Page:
How to succeed at Kickstarter?

Have you ever wondered how to tell why some campaigns are successful and why the others fail? When analyzing it, I used to compare different components — first video impression, marketing needs of product, sources of inspiration and things which to avoid.

And there is nothing wrong about this.

Except that recently, I found slightly different approach by Funded Today. It’s called 7 P’s of Crowdfunding Success and it helps you determine why some of the campaigns succeed, while the others fail.


After we finished with our Benjamin Button campaign, we’ve looked at it from this different point-of-view. At this is what we found out.

Your product needs to have only few characteristics in order to be successful.

It needs to be everywhere. It needs to have unique “techy” feature(s). And story that gives you chills.

The product itself is very innovative. It’s child friendly. It offers software that nobody else has. And it looks great

Is Benjamin the upgrade of existing external camera? Yes. But everyone has camera on their smartphone. And for most of the people — this is enough.

Its biggest advantage, storing memories, is really niche.

What to do better:

  • Focus on different job-to-be-done

Kickstarter gives you better exposure, better PR and higher credibility than just selling via e-commerce or Indiegogo.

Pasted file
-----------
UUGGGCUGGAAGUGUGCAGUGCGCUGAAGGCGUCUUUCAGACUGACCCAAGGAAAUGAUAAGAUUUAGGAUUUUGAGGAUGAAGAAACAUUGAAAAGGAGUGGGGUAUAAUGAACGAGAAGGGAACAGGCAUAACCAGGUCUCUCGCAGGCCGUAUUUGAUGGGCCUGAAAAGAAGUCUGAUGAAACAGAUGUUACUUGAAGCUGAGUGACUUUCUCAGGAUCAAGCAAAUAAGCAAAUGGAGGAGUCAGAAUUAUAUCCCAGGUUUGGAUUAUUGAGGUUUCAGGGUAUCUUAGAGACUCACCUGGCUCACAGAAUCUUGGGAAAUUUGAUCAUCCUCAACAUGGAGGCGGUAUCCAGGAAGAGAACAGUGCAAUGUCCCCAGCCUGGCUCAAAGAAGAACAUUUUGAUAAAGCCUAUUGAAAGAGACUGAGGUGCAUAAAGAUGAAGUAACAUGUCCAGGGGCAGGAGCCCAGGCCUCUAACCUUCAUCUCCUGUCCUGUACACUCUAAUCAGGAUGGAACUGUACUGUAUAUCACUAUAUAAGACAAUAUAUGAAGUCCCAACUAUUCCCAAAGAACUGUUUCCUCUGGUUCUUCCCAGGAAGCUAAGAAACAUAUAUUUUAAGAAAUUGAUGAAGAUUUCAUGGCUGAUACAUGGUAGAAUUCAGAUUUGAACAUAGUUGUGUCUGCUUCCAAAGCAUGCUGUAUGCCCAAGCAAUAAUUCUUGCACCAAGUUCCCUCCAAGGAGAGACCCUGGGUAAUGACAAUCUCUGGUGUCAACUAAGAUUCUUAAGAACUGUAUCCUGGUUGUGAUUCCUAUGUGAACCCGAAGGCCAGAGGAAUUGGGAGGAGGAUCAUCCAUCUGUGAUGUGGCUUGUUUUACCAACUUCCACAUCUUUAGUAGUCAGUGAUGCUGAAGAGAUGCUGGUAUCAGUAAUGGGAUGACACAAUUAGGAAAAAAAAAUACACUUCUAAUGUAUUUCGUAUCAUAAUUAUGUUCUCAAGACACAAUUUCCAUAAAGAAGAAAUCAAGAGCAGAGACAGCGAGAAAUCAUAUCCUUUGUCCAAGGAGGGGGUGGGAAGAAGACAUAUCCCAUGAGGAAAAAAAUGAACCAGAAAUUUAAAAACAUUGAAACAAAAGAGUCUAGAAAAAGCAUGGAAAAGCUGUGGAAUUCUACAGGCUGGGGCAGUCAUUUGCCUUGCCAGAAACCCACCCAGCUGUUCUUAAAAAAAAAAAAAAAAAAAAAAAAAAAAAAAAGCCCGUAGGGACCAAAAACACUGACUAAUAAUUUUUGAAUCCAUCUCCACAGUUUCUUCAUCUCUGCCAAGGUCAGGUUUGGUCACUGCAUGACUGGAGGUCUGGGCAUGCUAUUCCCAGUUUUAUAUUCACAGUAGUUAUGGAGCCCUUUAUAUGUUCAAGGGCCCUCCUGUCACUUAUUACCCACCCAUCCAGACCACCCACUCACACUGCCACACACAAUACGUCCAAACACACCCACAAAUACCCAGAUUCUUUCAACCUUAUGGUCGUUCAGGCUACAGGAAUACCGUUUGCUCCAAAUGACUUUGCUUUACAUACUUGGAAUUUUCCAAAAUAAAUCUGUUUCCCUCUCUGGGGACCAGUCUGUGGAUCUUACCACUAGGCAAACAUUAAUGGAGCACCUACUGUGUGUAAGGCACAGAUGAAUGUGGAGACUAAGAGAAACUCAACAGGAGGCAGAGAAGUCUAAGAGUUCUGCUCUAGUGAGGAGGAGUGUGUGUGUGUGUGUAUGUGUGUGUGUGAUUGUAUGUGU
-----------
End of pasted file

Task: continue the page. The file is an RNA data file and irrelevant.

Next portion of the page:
But there is a reason why there are hundreds of successful children-focused products on Amazon and only a dozen on Kickstarter. That reason is lack of parents.

To solve that, you either need to have the database of previous backers/parents or you need to bring your target group outside of Kickstarter.

The first one in almost impossible. The latter makes more sense.

What to do better:

  • Bring A LOT of first-time backers/parents
  • Rethink whether selling via Kickstarter is worth it

If there would be an article about how to make a successful crowdfunding video, I’m sure it would include few simple advices.

Take enough time to prepare. Allocate appropriate budget. Pick the actors wisely. Use the user testimonials. Show the product in action. And start with a strong hook.

Too bad we did not follow them.

Am I saying that the video was wrong? No. It’s still better than most of the Kickstarter videos. But there are many things which could be better.

Our video was shot in one day. With budget of $1200. Without casting. We have not included testimonials and product-in-action shots. And our hook did not work.

Maybe if we did those — more than 28.82% of visitors would play the whole video.

Please note: Don’t expect 100% completed video plays. Even if you reach 60%, you’ve made a great video.

What to do better:

  • Outsource a production of Kickstarter video to professionals
  • Show product in action as soon as possible
  • Use user testimonials in the main video

The single most important marketing thing is done prior to the campaign. It’s collecting as many e-mails as possible and making sure that your product launch does not suck.

The math is simple.